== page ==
Towcar review: SEAT Ateca

Lesley Harris jumps behind the wheel of the SEAT Ateca to assess the qualities of the sporty SUV as both a towcar and when solo driving.

Seat is widely acknowledged as the ‘sporty’ brand within the VW Group – the entire range has always had a distinctive, jaunty style. The Ateca – the company’s first foray into the competitive compact SUV market – was launched back in 2016, contending with models by other manufacturers as well as stablemates such as the Volkswagen Tiguan and Škoda Karoq. 

Styling cues are taken from the Seat Leon, and the ‘family look’ of sharp lines and creases is present; these set it apart from less-inspiring rivals. At the front, LED headlamps, Seat’s signature daytime running lights and deep air intakes all contribute to the solid, reliable appearance. When you also factor in the highly-sculpted rear end, the Atecas handsomeness is evident from any angle. 

The XCELLENCE trim featured here includes microsuede fabric seats, the aforementioned LED headlights, reversing camera, cruise control, voice control, keyless entry and go, wireless phone charging capability and – my personal favourite – a heated windscreen. Ideal for those icy mornings. 

Comfort – 70%

Inside, it’s functional and practical. The cabin is clean and unfussy, and the dash will be familiar to anyone who has recently driven a VW Group car. Reasonably high-quality soft materials adorn the top, although when you cast your eyes downwards you’ll notice harder, scratchy plastics. That said, it feels well-built and satisfactorily put together. 

Chunky heating and ventilation controls are easy to use and you can select various driving modes via a rotary dial located in the central console.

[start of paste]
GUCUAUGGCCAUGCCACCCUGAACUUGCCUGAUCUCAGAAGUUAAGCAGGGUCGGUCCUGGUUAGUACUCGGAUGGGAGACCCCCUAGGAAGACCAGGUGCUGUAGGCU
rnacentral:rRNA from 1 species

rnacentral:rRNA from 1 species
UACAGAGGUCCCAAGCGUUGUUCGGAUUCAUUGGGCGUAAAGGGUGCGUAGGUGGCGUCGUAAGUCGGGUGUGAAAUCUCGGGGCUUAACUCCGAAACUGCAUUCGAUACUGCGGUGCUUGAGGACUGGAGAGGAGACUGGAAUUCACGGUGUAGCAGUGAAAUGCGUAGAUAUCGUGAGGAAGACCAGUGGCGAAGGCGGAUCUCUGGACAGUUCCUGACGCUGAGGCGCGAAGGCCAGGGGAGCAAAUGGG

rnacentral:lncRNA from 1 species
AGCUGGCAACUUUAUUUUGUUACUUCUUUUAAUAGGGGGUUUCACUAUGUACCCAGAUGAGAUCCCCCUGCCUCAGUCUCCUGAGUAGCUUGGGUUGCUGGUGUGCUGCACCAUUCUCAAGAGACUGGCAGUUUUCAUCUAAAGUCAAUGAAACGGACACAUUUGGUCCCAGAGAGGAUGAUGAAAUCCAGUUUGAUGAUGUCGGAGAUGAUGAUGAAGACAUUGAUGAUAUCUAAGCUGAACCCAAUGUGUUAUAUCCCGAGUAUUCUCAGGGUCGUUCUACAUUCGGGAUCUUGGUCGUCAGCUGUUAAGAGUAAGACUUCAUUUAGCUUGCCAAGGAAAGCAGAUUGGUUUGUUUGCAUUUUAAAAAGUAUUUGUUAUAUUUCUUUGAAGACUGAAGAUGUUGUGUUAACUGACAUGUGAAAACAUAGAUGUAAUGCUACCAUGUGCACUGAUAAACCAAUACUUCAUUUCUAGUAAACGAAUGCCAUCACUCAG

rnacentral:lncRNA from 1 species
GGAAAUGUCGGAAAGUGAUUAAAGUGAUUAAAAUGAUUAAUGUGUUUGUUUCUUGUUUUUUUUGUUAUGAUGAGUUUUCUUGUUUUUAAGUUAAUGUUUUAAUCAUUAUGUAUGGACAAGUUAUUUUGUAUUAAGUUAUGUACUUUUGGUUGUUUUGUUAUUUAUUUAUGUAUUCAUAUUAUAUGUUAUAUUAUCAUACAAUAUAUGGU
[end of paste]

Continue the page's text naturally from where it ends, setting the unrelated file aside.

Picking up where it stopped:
The eight-inch Full Link touchscreen infotainment system is also a carry-over from the Leon hatch, and while the graphics are a tad grainy, it’s intuitive and has smartphone connectivity as standard. 

The seats are comfortable and a huge amount of customisation is available for anyone who likes to fiddle with the levers in search of the perfect position. The driver can also move the rake-and-reach steering wheel to fine-tune their arrangement. 

There’s just enough room for three adults to sit comfortably at the back, and the narrow transmission tunnel allows for plenty of foot space. Those with families will appreciate the two Isofix fittings to the outer rear seats and the provision of USB ports: two in the rear (along with a little net to hold a phone) and two in the front. 

Driving – 80%

Seat offers a range of both petrol and diesel engines and there’s also a four-wheel drive option. I tested the 2.0-litre TDi seven-speed DSG, which puts out 148bhp and has 340Nm of torque to play with. 

It’s a combination that has been used to great effect throughout the VW Group range, but in the Ateca it’s fairly noisy at idle and lower speeds. That said, the engine is punchy and strong, and it pulls well. 

The Ateca is an engaging, entertaining SUV to drive, and employing the DSG paddles for gear changing can further enhance the experience. Plenty of grip inspires confidence, especially when on twistier roads, but there’s an obvious trade-off for this much fun. Passengers may not enjoy the firm and unyielding ride as much as the driver – any road imperfections will be picked up and transmitted into the cabin. 

As a motorway cruiser, it runs along nicely, although again you will notice the effects of any poorly-maintained surfaces. At lower town speeds, the Ateca behaves well and doesn’t feel too big on the road. 

Towing – 75%

A higher ride height gives the driver a good view of everything lying ahead, while great all-round visibility helps when parking and manoeuvring through crowded towns. 

Pulling away from lights and junctions is controlled, with no tugging, and generally overtaking is smooth; the Ateca does waver slightly when passing lorries. 

Once again the firm ride impinges on comfort when towing. Travelling over rougher surfaces, the dynamics of the car and van become unsettled, leading to bouncing that ripples through both units. ‘Eco’ mode seemed the best for towing – the time of gear change was shorter. 

Ateca’s impressive boot space is 510l with seats in place and 1,605l when they are removed. The seats are easily dropped by the levers in the back; however, unless you purchase the optional split floor you won’t get a flat load area. 

Verdict – 75%

If you want an SUV that is fun to drive and comfort of ride isn’t a priority, then the Seat Ateca could be for you. It tows well enough, but you may hear passengers grumble about their experiences.